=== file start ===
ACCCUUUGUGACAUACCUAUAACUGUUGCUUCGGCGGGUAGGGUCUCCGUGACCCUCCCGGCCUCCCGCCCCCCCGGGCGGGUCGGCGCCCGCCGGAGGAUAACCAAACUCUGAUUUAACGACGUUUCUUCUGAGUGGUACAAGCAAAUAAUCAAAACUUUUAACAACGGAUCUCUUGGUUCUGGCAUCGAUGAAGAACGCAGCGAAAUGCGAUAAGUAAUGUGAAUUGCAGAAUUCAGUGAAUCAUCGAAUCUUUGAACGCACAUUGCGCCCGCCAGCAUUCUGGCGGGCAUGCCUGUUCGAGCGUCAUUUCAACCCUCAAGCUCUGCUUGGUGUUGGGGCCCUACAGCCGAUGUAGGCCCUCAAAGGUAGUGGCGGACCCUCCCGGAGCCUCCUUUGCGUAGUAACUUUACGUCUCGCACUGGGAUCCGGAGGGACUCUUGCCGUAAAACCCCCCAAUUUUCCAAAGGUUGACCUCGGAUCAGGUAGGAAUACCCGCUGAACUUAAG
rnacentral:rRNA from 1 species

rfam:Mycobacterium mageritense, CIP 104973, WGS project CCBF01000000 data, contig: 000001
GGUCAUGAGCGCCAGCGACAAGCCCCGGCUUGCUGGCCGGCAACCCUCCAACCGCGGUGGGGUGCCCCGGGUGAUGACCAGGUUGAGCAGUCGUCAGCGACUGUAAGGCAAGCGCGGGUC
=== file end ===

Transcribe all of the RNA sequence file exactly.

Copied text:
ACCCUUUGUGACAUACCUAUAACUGUUGCUUCGGCGGGUAGGGUCUCCGUGACCCUCCCGGCCUCCCGCCCCCCCGGGCGGGUCGGCGCCCGCCGGAGGAUAACCAAACUCUGAUUUAACGACGUUUCUUCUGAGUGGUACAAGCAAAUAAUCAAAACUUUUAACAACGGAUCUCUUGGUUCUGGCAUCGAUGAAGAACGCAGCGAAAUGCGAUAAGUAAUGUGAAUUGCAGAAUUCAGUGAAUCAUCGAAUCUUUGAACGCACAUUGCGCCCGCCAGCAUUCUGGCGGGCAUGCCUGUUCGAGCGUCAUUUCAACCCUCAAGCUCUGCUUGGUGUUGGGGCCCUACAGCCGAUGUAGGCCCUCAAAGGUAGUGGCGGACCCUCCCGGAGCCUCCUUUGCGUAGUAACUUUACGUCUCGCACUGGGAUCCGGAGGGACUCUUGCCGUAAAACCCCCCAAUUUUCCAAAGGUUGACCUCGGAUCAGGUAGGAAUACCCGCUGAACUUAAG
rnacentral:rRNA from 1 species

rfam:Mycobacterium mageritense, CIP 104973, WGS project CCBF01000000 data, contig: 000001
GGUCAUGAGCGCCAGCGACAAGCCCCGGCUUGCUGGCCGGCAACCCUCCAACCGCGGUGGGGUGCCCCGGGUGAUGACCAGGUUGAGCAGUCGUCAGCGACUGUAAGGCAAGCGCGGGUC